The Australian Bureau of Statistics has claimed it took the census website down last night after four Distributed Denial of Service (DDoS) attacks on the site in order to protect the data.
The ABS said that the 2016 online census form was “subject to four Denial of Service attacks of varying nature and severity” yesterday, and after the fourth attack, the ABS took the site offline to “protect the integrity” of the census data.
A DDoS attack is a common tool used to disrupt sites and services online by essentially getting thousands or millions of computers to team up and attempt to overwhelm a site with traffic. There are an estimated 2000 DDoS attacks per day, and they’re not very expensive to organise. According to a Trend Micro report from 2012, US$150 can buy a week-long DDoS attack.
Contrary to how this story has been — and will be — reported by many media outlets today, a DDoS attack is not a hack, because no data is breached via DDoS, but a DDoS attack can often be used as a cover for a hack.
ABS chief statistician David Kalisch told the ABC this morning that the 2 million or so census forms filed online before it all fell down were secure, but that the malicious attack had come from overseas. The Privacy Commissioner is investigating.
Several people have pointed out, however, that DDoS attack mapping tools such as Kaspersky and Norse showed no large-scale DDoS attacks targeting Australia last night.
The ABS claimed before the census that it could handle approximately 1 million census form submissions online, but questions are now being raised about whether ABS had conducted appropriate load testing and adequate resources for census night, when everyone would be logging in to fill in their form online.
Brisbane-based Revolution IT was paid close to $500,000 to perform load testing to ensure it was supposed to all go smoothly, and IBM — a frequent troublemaker for government IT — was paid $9.6 million for the design development and implementation of the online version of the census. Look for these companies being hauled before a parliamentary committee in the near future.
If it was a DDoS attack, the ABS’ boasting claims about the security and integrity of its systems has possibly goaded someone into testing the ABS’ bravado.
The fact remains that the ABS should have prepared for this. If the ABS is outsourcing the census, it can outsource it properly to cloud service providers that can handle the traffic and mitigate DDoS issues. The US census spent reportedly US$11.8 million on its online census in 2010, and planned in advance for the potential for DDoS attacks. US Census CIO Brian McGrath:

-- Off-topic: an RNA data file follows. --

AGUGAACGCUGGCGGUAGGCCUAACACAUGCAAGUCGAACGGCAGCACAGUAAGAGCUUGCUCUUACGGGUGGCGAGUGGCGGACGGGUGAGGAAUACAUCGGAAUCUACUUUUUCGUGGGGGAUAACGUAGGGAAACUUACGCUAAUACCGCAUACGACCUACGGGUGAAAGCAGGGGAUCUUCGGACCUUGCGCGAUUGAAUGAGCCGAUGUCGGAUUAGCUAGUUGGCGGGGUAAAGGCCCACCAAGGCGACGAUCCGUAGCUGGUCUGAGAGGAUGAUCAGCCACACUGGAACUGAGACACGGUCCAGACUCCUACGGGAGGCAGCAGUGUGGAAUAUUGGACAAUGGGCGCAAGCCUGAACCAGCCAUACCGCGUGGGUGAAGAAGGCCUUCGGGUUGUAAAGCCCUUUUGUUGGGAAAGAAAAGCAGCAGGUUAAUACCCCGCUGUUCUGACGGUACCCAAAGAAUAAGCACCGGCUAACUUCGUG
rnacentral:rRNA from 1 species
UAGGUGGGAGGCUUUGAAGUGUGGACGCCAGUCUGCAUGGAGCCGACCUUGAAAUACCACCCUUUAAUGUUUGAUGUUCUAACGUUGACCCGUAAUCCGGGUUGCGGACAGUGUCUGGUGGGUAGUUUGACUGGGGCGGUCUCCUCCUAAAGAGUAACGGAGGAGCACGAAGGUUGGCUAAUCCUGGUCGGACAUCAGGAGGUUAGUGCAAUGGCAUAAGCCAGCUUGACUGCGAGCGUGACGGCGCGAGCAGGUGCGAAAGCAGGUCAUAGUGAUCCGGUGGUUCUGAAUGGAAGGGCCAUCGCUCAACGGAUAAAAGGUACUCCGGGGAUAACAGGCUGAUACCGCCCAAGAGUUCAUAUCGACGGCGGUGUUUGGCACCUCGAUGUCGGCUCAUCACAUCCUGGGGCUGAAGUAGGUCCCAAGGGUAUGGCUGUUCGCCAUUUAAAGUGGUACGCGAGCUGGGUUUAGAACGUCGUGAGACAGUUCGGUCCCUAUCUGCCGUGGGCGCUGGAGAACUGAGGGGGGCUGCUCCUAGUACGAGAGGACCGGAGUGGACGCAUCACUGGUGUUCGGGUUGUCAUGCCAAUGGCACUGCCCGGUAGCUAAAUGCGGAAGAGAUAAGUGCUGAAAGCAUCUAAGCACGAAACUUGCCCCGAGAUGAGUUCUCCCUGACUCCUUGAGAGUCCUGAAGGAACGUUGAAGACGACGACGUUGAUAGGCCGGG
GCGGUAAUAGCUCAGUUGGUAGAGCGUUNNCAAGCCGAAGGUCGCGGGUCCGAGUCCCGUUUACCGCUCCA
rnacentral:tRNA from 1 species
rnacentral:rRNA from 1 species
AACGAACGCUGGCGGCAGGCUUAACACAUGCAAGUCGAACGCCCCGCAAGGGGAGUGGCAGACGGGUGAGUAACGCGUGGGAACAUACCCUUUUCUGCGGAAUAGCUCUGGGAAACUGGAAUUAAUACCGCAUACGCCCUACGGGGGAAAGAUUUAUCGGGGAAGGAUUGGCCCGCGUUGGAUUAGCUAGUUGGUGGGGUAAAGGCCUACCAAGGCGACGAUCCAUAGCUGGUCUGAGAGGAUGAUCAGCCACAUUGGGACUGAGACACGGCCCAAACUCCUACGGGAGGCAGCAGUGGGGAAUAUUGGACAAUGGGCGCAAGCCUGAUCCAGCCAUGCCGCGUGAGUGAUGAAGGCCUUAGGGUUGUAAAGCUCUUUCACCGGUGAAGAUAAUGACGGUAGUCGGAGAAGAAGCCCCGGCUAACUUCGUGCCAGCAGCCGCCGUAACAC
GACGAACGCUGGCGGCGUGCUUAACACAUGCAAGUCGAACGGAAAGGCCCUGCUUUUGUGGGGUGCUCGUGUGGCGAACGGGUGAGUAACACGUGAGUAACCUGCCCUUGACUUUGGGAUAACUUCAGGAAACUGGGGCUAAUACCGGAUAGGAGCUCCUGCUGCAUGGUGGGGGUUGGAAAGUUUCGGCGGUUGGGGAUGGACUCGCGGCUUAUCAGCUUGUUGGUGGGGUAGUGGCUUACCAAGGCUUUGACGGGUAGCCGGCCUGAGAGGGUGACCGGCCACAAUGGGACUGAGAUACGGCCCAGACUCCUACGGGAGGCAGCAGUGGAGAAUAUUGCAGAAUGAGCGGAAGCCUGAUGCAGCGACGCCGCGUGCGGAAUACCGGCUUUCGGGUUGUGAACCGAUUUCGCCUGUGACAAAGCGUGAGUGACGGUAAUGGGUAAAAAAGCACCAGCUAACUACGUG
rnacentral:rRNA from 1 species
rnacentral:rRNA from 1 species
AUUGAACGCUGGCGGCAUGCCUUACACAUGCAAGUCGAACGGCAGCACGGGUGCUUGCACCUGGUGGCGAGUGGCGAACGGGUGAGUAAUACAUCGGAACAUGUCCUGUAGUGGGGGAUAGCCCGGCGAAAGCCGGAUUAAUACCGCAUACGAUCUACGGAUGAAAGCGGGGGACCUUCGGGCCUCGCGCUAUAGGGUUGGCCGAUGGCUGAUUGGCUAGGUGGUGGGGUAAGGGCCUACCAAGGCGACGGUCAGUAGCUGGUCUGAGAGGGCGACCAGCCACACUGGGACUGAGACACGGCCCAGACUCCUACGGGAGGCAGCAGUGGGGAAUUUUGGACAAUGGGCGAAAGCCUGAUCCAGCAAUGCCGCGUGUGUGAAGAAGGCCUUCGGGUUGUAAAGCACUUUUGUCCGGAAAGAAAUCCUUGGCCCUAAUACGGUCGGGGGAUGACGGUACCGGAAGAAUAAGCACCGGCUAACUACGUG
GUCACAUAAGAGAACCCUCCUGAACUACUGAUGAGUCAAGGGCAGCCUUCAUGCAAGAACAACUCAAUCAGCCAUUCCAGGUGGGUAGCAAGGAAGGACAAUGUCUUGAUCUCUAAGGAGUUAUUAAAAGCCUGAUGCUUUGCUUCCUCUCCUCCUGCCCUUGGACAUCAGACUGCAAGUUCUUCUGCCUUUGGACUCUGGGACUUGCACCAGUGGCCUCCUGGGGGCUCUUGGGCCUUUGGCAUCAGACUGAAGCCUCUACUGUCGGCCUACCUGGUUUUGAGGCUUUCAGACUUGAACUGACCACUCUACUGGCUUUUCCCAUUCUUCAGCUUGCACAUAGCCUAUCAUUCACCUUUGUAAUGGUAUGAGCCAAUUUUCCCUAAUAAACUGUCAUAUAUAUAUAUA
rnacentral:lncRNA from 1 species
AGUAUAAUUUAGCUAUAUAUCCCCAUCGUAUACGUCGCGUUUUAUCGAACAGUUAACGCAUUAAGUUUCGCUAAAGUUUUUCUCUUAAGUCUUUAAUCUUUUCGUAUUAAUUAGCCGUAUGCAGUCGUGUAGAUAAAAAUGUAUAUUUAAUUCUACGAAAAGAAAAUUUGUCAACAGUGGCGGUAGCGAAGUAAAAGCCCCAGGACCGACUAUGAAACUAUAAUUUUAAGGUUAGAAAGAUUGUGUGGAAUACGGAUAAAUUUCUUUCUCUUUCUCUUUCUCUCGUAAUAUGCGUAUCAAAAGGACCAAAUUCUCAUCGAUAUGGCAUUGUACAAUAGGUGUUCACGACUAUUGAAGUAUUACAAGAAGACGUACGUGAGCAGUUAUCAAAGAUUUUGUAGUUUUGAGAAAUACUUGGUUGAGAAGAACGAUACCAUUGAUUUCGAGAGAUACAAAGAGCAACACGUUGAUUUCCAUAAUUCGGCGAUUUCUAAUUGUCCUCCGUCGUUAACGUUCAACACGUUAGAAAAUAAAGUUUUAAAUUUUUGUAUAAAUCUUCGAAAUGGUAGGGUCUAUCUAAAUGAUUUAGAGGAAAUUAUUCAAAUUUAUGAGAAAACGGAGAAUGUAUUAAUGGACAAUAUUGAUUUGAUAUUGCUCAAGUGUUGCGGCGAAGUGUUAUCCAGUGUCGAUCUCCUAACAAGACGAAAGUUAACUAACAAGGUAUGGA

“That was a huge concern for us that in the height of the decennial activity if we were a target of a DDoS attack or the site would go down or the performance would go down that it would reflect negatively on the Census Bureau and deter citizens from participating.”
As with much of the ABS’ handling of the census in 2016, there is an issue with communication. The ABS’ census account on Twitter was telling people well after 7.30pm last night to keep trying to log onto the census site, despite ABS now saying that at 7.30pm a decision had been made to shut down the census website.
The ABS has said it expects to restore the site later this morning, and has said people have until September to fill out the census form, but Labor’s Andrew Leigh is already warning the data might now be less reliable than it otherwise would have been due to people delaying filling out the census or not filling it out at all.
Kalisch and the minister responsible, Michael McCormack, spoke to media this morning, with McCormack repeatedly claiming that it wasn’t an attack or a hack, but an attempt to frustrate the ABS.
McCormack explained that when the first few attacks happened at the start of the day, the ABS and IBM made a decision to block all international traffic to the site. This block eventually fell over, and a Telstra router failed, so the ABS made a decision to take the site offline in order to protect the data.
McCormack stressed that no data had been lost, and no data had been compromised. Approximately 2.33 million people had completed the census before the site went down.
The Prime Minister’s cybersecurity adviser, Alastair MacGibbon, said that most of the traffic originated from the United States but was subject of an investigation by Australian Signals Directorate. MacGibbon suggested that the attention drawn to security concerns around this year’s census might be to blame for people targeting the site: